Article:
Foreign Affairs Minister John Baird has announced new sanctions against Iran, including a total ban on imports and exports.

"Canada continues to have grave and sincere concerns over Iran's nuclear program and their abhorrent human rights records and their continued support for international terrorism around the world," Foreign Affairs Minister John Baird said Wednesday when he announced the measures in the foyer of the House of Commons.

Baird said that in round after round of international talks, Iran has failed to engage meaningfully while the risk posed by its nuclear activities increases. The Iranian government has offered only "false promises and empty gestures," Baird said.

"Today we are compelled to take further actions against this reckless and irresponsible regime," he said.

Thirty people and 82 new entities have now been added to the list, all believed to be involved directly or indirectly with facilitating, supporting or funding Iran's nuclear proliferation activities, the foreign affairs minister said.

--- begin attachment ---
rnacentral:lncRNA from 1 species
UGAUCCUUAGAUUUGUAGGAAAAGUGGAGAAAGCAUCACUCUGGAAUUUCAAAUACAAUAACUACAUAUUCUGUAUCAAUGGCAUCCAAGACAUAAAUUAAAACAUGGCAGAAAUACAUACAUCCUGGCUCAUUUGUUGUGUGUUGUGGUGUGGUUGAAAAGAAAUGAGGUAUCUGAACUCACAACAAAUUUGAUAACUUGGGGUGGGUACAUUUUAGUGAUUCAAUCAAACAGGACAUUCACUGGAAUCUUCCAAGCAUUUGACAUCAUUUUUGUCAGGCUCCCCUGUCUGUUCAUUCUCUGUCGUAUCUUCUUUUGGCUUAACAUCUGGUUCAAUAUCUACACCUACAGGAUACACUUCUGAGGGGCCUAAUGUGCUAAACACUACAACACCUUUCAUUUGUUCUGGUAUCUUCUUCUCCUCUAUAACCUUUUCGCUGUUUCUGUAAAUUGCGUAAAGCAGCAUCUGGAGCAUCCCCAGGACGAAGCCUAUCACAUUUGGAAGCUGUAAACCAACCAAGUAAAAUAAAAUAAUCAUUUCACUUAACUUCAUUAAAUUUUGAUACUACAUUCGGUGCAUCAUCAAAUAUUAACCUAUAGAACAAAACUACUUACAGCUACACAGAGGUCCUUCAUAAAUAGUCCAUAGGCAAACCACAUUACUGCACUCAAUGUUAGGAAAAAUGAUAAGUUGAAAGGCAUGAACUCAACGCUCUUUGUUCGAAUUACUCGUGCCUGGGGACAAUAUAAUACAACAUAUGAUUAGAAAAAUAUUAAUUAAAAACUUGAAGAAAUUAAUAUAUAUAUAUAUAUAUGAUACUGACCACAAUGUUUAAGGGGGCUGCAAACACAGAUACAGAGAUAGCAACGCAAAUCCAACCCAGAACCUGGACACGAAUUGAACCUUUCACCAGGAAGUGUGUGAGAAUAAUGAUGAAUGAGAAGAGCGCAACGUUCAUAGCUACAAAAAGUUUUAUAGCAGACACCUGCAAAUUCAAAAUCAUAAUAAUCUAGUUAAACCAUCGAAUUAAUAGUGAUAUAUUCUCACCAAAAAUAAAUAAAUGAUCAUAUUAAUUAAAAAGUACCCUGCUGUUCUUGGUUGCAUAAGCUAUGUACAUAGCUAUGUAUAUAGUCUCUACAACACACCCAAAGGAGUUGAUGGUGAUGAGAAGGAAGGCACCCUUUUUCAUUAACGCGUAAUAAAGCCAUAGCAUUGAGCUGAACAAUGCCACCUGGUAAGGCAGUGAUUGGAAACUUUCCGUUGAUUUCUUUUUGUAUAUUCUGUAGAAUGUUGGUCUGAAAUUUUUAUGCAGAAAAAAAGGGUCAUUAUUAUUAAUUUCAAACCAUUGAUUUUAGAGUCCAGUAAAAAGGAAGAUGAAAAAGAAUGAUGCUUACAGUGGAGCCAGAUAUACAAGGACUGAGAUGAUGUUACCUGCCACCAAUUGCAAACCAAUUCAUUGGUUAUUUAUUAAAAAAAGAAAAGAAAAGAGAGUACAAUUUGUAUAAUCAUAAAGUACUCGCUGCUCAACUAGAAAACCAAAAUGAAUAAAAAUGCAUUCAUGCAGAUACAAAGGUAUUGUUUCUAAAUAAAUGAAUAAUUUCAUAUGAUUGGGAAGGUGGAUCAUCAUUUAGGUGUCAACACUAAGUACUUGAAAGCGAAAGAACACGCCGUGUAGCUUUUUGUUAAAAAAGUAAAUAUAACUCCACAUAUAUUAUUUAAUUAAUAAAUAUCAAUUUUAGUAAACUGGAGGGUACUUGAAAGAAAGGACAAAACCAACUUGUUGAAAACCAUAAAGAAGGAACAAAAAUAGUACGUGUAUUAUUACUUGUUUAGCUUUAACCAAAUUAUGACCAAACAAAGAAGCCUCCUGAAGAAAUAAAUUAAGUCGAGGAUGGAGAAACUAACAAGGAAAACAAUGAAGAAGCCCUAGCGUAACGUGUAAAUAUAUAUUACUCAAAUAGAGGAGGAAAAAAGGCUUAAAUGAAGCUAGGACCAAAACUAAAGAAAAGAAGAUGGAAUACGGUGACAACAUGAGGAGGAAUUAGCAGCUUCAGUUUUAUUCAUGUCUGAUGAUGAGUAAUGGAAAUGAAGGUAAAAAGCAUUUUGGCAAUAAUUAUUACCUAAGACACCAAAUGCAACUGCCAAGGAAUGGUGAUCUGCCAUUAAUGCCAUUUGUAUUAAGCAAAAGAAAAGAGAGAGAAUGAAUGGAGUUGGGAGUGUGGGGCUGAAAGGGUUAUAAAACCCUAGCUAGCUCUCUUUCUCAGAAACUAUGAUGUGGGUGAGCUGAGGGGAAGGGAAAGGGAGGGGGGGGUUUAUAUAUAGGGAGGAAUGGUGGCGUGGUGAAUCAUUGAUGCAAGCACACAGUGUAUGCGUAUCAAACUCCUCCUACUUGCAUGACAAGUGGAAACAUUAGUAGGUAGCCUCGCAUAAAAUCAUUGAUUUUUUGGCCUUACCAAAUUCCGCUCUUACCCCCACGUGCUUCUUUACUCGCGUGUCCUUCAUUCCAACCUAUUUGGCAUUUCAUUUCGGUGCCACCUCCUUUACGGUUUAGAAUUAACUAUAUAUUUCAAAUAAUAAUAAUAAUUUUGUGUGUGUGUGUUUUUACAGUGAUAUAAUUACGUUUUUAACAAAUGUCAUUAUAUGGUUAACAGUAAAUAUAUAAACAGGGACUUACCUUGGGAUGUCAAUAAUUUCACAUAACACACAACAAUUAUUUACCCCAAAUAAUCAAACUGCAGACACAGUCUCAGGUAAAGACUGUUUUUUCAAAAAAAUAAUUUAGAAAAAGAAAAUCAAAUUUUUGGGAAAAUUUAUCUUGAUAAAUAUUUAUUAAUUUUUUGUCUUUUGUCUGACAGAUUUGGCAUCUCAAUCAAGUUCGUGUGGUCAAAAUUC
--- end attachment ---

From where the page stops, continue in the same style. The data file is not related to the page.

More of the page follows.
The last time Baird announced sanctions against Iran was in December when certain kinds of imports and exports were prohibited including oil, natural gas and mining materials.

The ban on imports and exports announced Wednesday does include exemptions for food, medicine, medical equipment and other humanitarian goods and for some communications tools.

"Canada's new sanctions include exemptions for technologies that protect Iranians online and help them break through the regime's curtain of propaganda," the government's statement said.

Canada’s sanctions exempt food, medicine, medical equipment, and humanitarian goods to ensure that—if the regime decides to invest in the basic needs of the Iranian people—international obstacles are reduced.

"Canada like many of our closest allies is taking every possible effort to halt Iran's reckless pursuit of nuclear weapons capabilities," he said Wednesday.

Last week The Associated Press carried a story on a report by the UN atomic agency detailing rapid Iranian progress in two programs that the West fears are geared toward making nuclear weapons.

In the confidential report obtained by the AP, the International Atomic Energy Agency said Tehran had installed close to 700 high-tech centrifuges used for uranium enrichment, which can produce the core of nuclear weapons. It also said Tehran had added hundreds of older-generation machines at its main enrichment site to bring the total number to over 13,000.

Iran denies that either its enrichment program or the reactor will be used to make nuclear arms.